PYEONGCHANG, South Korea (Reuters) - Cosy in each other’s company at the top of the Olympic podium, men’s downhill champion Aksel Lund Svindal and runner-up team mate Kjetil Jansrud showed how they like to keep things tight in Norway.
Svindal edged his compatriot by little more than a tenth of a second in a breathless run down the piste at Jeongseon Alpine Centre to garnish a brilliant career with a gold medal at the age of 35.
With Jansrud grabbing the silver, four years after taking bronze in Sochi, the peerless duo continued Norway’s outstanding record in the speed event.
The Scandinavian country has now medalled in the downhill in six of the last seven Olympics.
More good news travelled over from the Yongpyong Alpine Centre on Thursday, as Norway’s Ragnhild Mowinckel claimed silver in the giant slalom behind champion Mikaela Shiffrin, the country’s first Olympic medal in the event.
The plaudits rained down on Svindal as he became the oldest Olympic gold medallist in Alpine skiing, but he would have been equally happy with silver behind Jansrud.
“As Kjetil went down and I saw how fast he was, I was definitely preparing for a silver,” he told reporters.
“I thought there’s no way I can make up that time on the bottom.
“And that feeling was also a good feeling. So if I would’ve won silver I’d also be very happy still, so this gold is ... this is a special day for sure.”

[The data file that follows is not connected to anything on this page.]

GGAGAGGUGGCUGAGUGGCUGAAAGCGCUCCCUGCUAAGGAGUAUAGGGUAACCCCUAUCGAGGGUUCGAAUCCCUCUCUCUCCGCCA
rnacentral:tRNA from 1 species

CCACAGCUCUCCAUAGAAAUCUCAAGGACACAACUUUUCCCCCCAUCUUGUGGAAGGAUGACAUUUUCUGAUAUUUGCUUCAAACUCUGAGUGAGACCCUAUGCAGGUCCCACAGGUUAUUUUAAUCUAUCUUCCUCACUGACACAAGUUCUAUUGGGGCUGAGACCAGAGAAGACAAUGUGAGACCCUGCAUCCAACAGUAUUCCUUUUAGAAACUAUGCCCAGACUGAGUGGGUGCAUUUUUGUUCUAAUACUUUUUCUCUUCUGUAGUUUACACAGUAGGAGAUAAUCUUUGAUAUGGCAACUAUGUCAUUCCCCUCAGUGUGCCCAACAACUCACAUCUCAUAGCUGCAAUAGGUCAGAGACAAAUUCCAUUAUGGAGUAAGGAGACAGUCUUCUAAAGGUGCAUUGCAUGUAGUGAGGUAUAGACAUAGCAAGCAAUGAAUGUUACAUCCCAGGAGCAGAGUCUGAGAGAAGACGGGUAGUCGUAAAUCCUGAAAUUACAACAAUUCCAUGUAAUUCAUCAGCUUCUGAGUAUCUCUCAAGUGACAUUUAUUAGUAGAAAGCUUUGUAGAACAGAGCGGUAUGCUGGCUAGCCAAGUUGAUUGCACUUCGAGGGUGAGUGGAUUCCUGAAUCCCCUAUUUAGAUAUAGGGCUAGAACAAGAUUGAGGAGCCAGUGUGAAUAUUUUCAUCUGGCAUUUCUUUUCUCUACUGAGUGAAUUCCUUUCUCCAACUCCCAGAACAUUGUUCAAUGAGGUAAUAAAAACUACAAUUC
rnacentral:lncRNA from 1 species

An emphasis on culture can be a cliche among elite sports teams, but for a small country like Norway, it’s imperative, according to Norway Alpine team director Claus Ryste.
“We are a small nation with very little resources and we have to keep it tight and real,” he told reporters.
“The team shows its strength, the coaches and the other athletes. I think the strength that Kjetil, Aksel and Aleks (Aamodt Kilde) have together also makes us stronger than the others.”
Attention to detail also seems to be key, as anyone who would care to listen to Ryste’s exhaustive analysis of the quality of the local snow and its effect on his skiers’ performances would attest.
Being so dry, the snow crystals were sharp and “grippy”, he said, requiring brute strength from his skiers not to dig down on the edges of their skis and be slowed.
“I think strong physical training is the secret. (A) strong physical condition programme keeps you more healthy,” added Ryste.
Despite a litany of serious injuries through his long career, none were stronger than Svindal on the piste and his longevity is inspiring for 32-year-old Jansrud.
“Normally you can go until you are 36, 37 but it’s all about the health, your mindset, if it’s fun, if you are fast naturally,” he said.
“Aksel can ski for many years to come and still be fast.
“I am excited for what is to come. I can’t promise four more years but with the track record (we have) it seems like a good idea to try.”
Editing by Ed Osmond